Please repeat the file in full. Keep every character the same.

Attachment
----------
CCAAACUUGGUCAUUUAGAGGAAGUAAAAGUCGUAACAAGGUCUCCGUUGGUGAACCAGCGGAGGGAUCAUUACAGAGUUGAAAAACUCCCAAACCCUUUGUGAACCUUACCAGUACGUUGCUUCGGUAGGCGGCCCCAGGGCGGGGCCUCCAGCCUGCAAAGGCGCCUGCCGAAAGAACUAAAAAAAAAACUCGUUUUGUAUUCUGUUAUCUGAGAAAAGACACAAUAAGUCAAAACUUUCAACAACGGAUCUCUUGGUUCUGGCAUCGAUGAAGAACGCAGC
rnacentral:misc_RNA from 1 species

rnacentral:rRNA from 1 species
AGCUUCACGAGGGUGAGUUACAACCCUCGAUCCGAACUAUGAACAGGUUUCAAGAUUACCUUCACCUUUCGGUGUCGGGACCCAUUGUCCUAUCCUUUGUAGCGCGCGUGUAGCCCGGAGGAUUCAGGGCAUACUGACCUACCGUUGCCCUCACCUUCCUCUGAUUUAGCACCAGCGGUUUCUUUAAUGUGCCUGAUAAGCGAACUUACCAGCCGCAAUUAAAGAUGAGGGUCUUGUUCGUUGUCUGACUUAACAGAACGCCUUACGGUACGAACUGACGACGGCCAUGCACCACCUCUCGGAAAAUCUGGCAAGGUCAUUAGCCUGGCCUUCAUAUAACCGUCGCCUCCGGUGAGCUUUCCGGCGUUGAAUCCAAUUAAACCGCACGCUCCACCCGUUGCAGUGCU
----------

CCAAACUUGGUCAUUUAGAGGAAGUAAAAGUCGUAACAAGGUCUCCGUUGGUGAACCAGCGGAGGGAUCAUUACAGAGUUGAAAAACUCCCAAACCCUUUGUGAACCUUACCAGUACGUUGCUUCGGUAGGCGGCCCCAGGGCGGGGCCUCCAGCCUGCAAAGGCGCCUGCCGAAAGAACUAAAAAAAAAACUCGUUUUGUAUUCUGUUAUCUGAGAAAAGACACAAUAAGUCAAAACUUUCAACAACGGAUCUCUUGGUUCUGGCAUCGAUGAAGAACGCAGC
rnacentral:misc_RNA from 1 species

rnacentral:rRNA from 1 species
AGCUUCACGAGGGUGAGUUACAACCCUCGAUCCGAACUAUGAACAGGUUUCAAGAUUACCUUCACCUUUCGGUGUCGGGACCCAUUGUCCUAUCCUUUGUAGCGCGCGUGUAGCCCGGAGGAUUCAGGGCAUACUGACCUACCGUUGCCCUCACCUUCCUCUGAUUUAGCACCAGCGGUUUCUUUAAUGUGCCUGAUAAGCGAACUUACCAGCCGCAAUUAAAGAUGAGGGUCUUGUUCGUUGUCUGACUUAACAGAACGCCUUACGGUACGAACUGACGACGGCCAUGCACCACCUCUCGGAAAAUCUGGCAAGGUCAUUAGCCUGGCCUUCAUAUAACCGUCGCCUCCGGUGAGCUUUCCGGCGUUGAAUCCAAUUAAACCGCACGCUCCACCCGUUGCAGUGCU